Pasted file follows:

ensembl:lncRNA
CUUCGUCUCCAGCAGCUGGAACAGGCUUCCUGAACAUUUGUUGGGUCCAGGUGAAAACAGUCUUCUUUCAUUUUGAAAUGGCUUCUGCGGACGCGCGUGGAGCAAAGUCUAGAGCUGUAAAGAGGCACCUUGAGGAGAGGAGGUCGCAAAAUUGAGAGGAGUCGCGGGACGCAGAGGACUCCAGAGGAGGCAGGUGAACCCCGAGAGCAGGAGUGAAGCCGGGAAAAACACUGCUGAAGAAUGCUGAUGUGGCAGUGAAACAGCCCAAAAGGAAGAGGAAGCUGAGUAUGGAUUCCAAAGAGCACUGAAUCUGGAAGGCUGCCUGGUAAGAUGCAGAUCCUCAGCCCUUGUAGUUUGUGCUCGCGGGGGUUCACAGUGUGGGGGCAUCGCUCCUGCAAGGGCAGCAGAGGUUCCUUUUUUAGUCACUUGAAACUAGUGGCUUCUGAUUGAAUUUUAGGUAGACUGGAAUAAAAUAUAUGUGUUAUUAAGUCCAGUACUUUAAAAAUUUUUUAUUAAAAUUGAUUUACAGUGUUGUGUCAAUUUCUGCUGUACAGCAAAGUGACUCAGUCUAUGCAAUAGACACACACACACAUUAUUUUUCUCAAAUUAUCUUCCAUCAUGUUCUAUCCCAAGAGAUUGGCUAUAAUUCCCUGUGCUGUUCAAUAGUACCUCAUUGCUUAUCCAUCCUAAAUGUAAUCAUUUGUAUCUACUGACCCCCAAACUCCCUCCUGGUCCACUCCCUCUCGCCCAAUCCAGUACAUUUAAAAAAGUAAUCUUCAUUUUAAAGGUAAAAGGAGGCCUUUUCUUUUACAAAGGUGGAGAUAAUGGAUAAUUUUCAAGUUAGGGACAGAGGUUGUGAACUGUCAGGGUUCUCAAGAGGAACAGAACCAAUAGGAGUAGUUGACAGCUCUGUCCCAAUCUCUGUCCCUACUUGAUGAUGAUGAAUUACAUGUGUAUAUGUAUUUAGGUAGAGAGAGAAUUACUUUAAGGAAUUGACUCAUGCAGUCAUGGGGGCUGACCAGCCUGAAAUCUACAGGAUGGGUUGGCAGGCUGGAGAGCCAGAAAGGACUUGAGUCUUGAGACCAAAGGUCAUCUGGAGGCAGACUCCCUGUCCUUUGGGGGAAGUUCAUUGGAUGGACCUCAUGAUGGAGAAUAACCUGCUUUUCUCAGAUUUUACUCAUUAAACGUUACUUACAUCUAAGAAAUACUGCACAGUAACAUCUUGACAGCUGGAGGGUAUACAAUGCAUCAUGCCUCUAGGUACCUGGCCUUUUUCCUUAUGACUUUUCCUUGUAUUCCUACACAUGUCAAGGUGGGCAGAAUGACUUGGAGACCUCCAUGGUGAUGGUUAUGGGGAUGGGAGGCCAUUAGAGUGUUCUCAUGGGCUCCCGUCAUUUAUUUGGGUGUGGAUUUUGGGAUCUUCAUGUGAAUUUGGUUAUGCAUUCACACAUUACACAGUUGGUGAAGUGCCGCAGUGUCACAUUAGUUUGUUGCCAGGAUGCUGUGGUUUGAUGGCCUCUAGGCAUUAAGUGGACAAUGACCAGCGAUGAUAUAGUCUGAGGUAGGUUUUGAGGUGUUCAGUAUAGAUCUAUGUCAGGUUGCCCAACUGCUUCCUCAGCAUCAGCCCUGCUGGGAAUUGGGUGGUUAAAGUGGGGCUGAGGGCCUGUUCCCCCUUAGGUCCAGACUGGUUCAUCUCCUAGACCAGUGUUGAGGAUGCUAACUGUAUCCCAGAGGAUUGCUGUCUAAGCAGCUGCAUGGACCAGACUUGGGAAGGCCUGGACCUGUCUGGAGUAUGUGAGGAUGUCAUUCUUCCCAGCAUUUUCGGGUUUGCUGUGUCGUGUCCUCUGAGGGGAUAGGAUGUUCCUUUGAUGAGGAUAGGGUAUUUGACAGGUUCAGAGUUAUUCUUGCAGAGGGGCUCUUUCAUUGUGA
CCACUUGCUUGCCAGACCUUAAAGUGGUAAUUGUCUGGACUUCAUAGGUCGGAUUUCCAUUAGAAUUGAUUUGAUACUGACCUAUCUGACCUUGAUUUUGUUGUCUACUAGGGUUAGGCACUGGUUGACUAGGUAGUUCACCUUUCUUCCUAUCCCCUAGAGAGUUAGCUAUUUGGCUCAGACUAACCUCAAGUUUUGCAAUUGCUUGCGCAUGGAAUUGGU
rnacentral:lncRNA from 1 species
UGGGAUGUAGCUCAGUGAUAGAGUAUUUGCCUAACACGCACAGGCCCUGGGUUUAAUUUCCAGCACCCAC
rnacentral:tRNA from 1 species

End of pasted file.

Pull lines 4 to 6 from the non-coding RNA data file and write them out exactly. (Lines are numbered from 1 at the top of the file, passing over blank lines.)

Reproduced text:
rnacentral:lncRNA from 1 species
UGGGAUGUAGCUCAGUGAUAGAGUAUUUGCCUAACACGCACAGGCCCUGGGUUUAAUUUCCAGCACCCAC
rnacentral:tRNA from 1 species